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Quantum Polymers addresses severe PVDF shortage

Increased demand for polyvinylidene fluoride (PFDF) from the renewable energy market is putting plastics processors in a pinch.

Clare Goldsberry

September 8, 2011

2 Min Read
Quantum Polymers addresses severe PVDF shortage

As demand out of the renewable energy market sucks the market dry of polyvinylidene fluoride (PVDF), plastics processors and manufacturers who need the material for other applications are left wanting. Working to fill the gap is Quantum Polymers, which announced the immediate availability of extruded stock shape plastic products made with Kynar 450 PVDF from plastics supplier Arkema Inc.

The increased demand for PVDF -a semi-crystalline high molecular weight polymer of vinylidene fluoride-is being bought for use primarily in the renewable energy industry and for lithium ion batteries. PVDF films see use in solar arrays, for example. But PVDF also sees use in the chemical processing and other industries. 

Hemant Bheda, president and CEO of Quantum Polymers, spoke to PlasticsToday about the supply crunch. Solar is one fast-growing source of PVDF demand. "We also see a large demand in the lithium ion battery manufacturing applications," he said in a telephone interview. "There has been a serious shortage of PVDF materials, so we're trying to get the word out to customers that we now have a replacement material."

Arkema supplies the PVDF to Quantum Polymers, which then extrudes the shapes at its facility in Newark, DE. Quantum is offering the Kynar 450 PVDF in extruded rods (available from ½" to 5" diameter) and plates (available from 2/8" to 4.5"). According to Quantum Polymers, Kynar 450 works well for applications requiring resistance to harsh chemicals for long periods of time. The material is chemically resistant to halogens (chlorine, bromine, fluorine, iodine) and strong acids even at high temperatures.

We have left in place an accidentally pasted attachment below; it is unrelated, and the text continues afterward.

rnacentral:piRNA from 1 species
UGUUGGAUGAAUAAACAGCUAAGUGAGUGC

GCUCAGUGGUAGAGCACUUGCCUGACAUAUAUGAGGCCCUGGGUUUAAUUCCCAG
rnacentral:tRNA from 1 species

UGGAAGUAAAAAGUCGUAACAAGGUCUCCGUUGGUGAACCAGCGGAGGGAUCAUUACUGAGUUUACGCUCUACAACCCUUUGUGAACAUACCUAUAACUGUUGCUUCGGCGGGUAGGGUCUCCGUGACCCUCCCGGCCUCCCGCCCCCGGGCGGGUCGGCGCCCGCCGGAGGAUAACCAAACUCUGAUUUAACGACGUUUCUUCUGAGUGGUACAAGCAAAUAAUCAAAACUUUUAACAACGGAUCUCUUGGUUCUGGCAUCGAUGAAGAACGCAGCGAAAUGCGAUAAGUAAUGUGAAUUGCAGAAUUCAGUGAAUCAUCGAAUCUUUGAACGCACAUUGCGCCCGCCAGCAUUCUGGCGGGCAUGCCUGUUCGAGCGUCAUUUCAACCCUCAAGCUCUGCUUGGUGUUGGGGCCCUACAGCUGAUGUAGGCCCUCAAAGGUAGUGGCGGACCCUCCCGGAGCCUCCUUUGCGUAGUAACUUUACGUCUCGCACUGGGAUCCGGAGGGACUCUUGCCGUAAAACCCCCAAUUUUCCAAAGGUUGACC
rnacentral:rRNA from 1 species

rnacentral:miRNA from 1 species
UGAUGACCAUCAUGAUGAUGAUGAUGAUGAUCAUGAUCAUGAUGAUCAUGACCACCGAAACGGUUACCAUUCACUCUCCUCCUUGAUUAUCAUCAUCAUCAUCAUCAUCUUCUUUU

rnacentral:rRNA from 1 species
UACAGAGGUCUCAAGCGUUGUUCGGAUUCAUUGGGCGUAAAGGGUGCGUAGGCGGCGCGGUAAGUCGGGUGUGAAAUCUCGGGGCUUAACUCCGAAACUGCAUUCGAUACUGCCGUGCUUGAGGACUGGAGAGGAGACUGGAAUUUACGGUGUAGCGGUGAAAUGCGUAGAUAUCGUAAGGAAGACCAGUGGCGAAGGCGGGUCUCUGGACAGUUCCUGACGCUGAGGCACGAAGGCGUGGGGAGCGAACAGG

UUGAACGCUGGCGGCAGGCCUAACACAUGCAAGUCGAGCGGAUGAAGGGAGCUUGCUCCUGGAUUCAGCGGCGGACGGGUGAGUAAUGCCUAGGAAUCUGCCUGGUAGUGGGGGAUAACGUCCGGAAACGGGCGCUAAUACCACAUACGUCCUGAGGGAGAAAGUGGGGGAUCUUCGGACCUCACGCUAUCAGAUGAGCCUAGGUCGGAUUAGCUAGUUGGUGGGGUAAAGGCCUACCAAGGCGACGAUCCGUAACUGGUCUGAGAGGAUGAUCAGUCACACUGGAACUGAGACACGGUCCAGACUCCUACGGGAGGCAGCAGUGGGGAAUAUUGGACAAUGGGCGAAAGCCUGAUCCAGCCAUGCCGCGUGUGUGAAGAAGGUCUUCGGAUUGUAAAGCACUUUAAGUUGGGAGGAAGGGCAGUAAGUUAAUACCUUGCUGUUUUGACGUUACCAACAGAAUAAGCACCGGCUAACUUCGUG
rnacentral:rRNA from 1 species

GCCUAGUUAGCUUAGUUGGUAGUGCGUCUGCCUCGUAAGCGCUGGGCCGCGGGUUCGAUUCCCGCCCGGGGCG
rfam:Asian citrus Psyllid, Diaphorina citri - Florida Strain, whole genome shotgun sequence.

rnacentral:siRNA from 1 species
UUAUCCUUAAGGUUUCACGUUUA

"We are pleased to announce the incorporation of Kynar PVDF 450 as the newest member in our PVDF offerings," said Bheda. "Kynar 450 stock shape products will provide our customers access to readily available PVDF grade products for specific applications in chemical processing."

About the Author(s)

Clare Goldsberry

Until she retired in September 2021, Clare Goldsberry reported on the plastics industry for more than 30 years. In addition to the 10,000+ articles she has written, by her own estimation, she is the author of several books, including The Business of Injection Molding: How to succeed as a custom molder and Purchasing Injection Molds: A buyers guide. Goldsberry is a member of the Plastics Pioneers Association. She reflected on her long career in "Time to Say Good-Bye."

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